It has made national news that Facebook has been tightening it’s policies and even deleting or suspending accounts since August of last year. Facebook and other social media platforms even suspended President Trump’s accounts recently. Last week, Tiffany Jacob, who is from Tillamook and has had a personal account for over 12 years, woke up last Friday morning to find out her account was gone along with other accounts she was the administrator.
“Facebook wiped me out like I never existed,” Jacob said in a phone interview last week. “I got up in the morning and it was gone.”
Along with her account being deleted, she found out the Tillamook County Beekeepers Association Facebook account was also taken down, an account she was also the administrator. This came to a huge surprise to her and the association’s president Brad York.
“On the beekeepers’ website, we had a link to our Facebook page and it literally disappeared,” York said. “It’s too bad because we used our Facebook account to communicate with our members and for fundraising, now that’s gone.”
Jacob is an organizer in Tillamook for the Back the Blue group and would post times, places and dates she would host rallies to support local law enforcement. She also posted other political content, often times chiming in on the talk of the day. She is also a supporter of Make America Great Again, a movement started by the Trump campaign and would post things related to that group.
Jacob is not sure why Facebook targeted her accounts, especially those she was involved with that had nothing to do with her political stances, like the local beekeepers account.
“I even had a secondary account set up if anything ever happened,” Jacob said. “Within two hours of me using that account, it also went away.”
Jacob believes Facebook was somehow tracking her Internet protocol (IP) address.
“My Instagram was also disabled,” she said. “There really is no reason for this, I’ve never been in any trouble with Facebook.”
Jacob tried to appeal Facebook’s decision, but so far has not had much luck, and can’t talk to anyone at Facebook.
“This was done by some algorithm or robot, Facebook uses,” Jacob believes. “When I tried to logon to my account it took me to some browser and it said I had 30 days to contact them to try and appeal this, but they (Facebook) won’t respond.”
She’s tried to call customer service at Facebook.
“They have made it impossible to appeal,” she said. “I’ve even tried to fill out their online forms and that didn’t work.”
Jacob even went so far as to report the instances to the Better Business Bureau. Thursday morning the BBB contacted Jacob via email and told her she could resubmit the appeal forms online with Facebook. She finally received Facebook’s response, stating, “Your Facebook account was disabled because it did not follow our Community Standards,” the digital note read. “This decision can’t be reversed.”
Jacob said since she’s been organizing the local rallies, she’s become a target by some locally and beyond, she said she’s been harassed and called names.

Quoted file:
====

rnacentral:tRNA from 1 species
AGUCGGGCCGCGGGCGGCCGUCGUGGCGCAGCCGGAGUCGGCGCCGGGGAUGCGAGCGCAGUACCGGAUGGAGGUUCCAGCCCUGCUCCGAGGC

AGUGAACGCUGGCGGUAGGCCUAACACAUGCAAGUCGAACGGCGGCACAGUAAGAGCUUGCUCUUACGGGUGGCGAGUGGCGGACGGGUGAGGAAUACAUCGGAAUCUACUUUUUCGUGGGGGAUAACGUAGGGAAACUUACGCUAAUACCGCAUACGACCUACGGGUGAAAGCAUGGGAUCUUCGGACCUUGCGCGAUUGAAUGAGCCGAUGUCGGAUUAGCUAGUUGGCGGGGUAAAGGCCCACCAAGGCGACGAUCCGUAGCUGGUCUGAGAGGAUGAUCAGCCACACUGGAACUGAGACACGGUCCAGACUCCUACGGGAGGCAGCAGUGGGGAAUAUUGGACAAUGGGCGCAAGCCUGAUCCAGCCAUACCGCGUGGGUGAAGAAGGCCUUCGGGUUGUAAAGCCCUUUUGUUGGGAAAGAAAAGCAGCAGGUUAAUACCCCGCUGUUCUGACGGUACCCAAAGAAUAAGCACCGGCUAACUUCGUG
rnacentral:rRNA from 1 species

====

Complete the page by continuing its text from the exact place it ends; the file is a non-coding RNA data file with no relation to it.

“I had people world-wide attacking Pretty Paws Pet Grooming, stating I’m racist and anti-Semitic,” she said. “I’m quite sure one of our community members posted my information on the group, ‘Let’s get a raciest fired today’, but I disputed that with Facebook and got it turned off.”
Her mother is the administrator of the Pretty Paws Pet Grooming Facebook page, so that page is still intact.
According to reports by National Public Radio and Oregon Public Broadcasting, “Facebook is targeting content with the phrase "stop the steal," referring to false claims of election fraud. Twitter is targeting accounts that focus on the QAnon conspiracy theory. Both tech companies cited the upcoming inauguration of President Joe Biden as a reason for taking more stringent approaches to stamp out misinformation campaigns.”
York says the beekeepers association will survive Facebook’s small sting, but looks at this as a much larger issue.
“Freedom of speech is a cherished idea, as well it should be,” York said. “Those of us that live in America consider it a basic right protected by the U.S. Constitution. People have fought and died for it.”
York also said he’s not interested in starting a new Facebook page for the association or even dealing with an appeal. That may be taken care of if Jacob’s appeal is ever heard.
“Somewhere, somehow, the ideal has gone from freedom of speech to freedom from speech,” York added. “Freedom from Speech that one does not like is a threat to both pluralism and democracy itself.”
Jacob hopes the decision she got is not the final word. It’s important to her because she had years of family pictures and messages she wanted to keep forever.
“I had pictures of my grandmother before she died, my baby and husband when we first started dating,” she said. “I’d like to get those back and backed-up somewhere.”
In a virtual instance, the social media mob can wipe your digital life away, just like what happened to Jacob.
“I feel very violated, like I’ve been spied on or monitored,” Jacob added. “I try to be well spoken, I don’t want people to take things the wrong way, and I’m flabbergasted it happened to me because they are obviously targeting people who organize rallies, they want to control the speech.”